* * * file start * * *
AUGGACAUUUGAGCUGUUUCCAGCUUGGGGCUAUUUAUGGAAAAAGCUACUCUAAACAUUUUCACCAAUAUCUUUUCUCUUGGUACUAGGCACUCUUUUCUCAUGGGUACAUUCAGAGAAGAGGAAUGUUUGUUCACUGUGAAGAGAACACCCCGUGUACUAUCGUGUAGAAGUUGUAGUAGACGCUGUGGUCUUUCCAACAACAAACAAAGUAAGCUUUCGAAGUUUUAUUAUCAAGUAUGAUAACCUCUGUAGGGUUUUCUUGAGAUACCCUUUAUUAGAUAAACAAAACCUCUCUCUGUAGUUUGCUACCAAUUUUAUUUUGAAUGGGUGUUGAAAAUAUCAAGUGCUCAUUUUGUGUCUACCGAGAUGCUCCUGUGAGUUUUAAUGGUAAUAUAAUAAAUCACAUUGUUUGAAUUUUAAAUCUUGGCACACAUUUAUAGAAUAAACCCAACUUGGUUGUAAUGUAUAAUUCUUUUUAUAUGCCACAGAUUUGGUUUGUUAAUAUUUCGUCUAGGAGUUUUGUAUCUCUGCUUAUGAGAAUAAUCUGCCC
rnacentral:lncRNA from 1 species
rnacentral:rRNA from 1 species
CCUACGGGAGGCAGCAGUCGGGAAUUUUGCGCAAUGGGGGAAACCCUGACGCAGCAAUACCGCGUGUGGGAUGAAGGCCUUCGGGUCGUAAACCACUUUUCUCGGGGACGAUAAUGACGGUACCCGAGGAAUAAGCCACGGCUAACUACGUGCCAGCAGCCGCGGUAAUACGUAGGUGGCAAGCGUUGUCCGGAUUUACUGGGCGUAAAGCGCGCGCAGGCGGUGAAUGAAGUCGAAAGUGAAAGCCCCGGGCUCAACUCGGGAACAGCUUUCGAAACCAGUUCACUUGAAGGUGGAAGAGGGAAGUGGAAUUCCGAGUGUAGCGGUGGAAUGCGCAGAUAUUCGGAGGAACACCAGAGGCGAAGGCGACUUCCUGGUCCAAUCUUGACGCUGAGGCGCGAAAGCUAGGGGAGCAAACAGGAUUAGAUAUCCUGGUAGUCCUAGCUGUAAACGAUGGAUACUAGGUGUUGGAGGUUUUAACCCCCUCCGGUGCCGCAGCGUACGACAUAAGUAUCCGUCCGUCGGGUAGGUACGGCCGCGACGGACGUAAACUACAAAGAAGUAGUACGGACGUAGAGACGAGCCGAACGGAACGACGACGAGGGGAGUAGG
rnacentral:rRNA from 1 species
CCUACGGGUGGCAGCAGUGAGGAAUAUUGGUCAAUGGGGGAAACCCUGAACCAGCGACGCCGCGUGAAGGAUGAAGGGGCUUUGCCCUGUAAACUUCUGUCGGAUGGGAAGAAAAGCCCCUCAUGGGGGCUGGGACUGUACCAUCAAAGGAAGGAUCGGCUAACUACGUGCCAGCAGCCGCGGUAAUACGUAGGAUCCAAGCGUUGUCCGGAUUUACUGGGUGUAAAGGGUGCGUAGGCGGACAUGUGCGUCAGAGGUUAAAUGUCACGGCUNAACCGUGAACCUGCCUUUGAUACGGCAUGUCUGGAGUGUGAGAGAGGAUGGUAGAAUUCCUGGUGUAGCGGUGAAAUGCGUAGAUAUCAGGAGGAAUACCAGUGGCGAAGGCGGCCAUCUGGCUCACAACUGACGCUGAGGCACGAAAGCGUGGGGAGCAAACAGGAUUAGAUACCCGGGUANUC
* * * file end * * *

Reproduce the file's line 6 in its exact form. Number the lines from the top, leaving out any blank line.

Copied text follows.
CCUACGGGUGGCAGCAGUGAGGAAUAUUGGUCAAUGGGGGAAACCCUGAACCAGCGACGCCGCGUGAAGGAUGAAGGGGCUUUGCCCUGUAAACUUCUGUCGGAUGGGAAGAAAAGCCCCUCAUGGGGGCUGGGACUGUACCAUCAAAGGAAGGAUCGGCUAACUACGUGCCAGCAGCCGCGGUAAUACGUAGGAUCCAAGCGUUGUCCGGAUUUACUGGGUGUAAAGGGUGCGUAGGCGGACAUGUGCGUCAGAGGUUAAAUGUCACGGCUNAACCGUGAACCUGCCUUUGAUACGGCAUGUCUGGAGUGUGAGAGAGGAUGGUAGAAUUCCUGGUGUAGCGGUGAAAUGCGUAGAUAUCAGGAGGAAUACCAGUGGCGAAGGCGGCCAUCUGGCUCACAACUGACGCUGAGGCACGAAAGCGUGGGGAGCAAACAGGAUUAGAUACCCGGGUANUC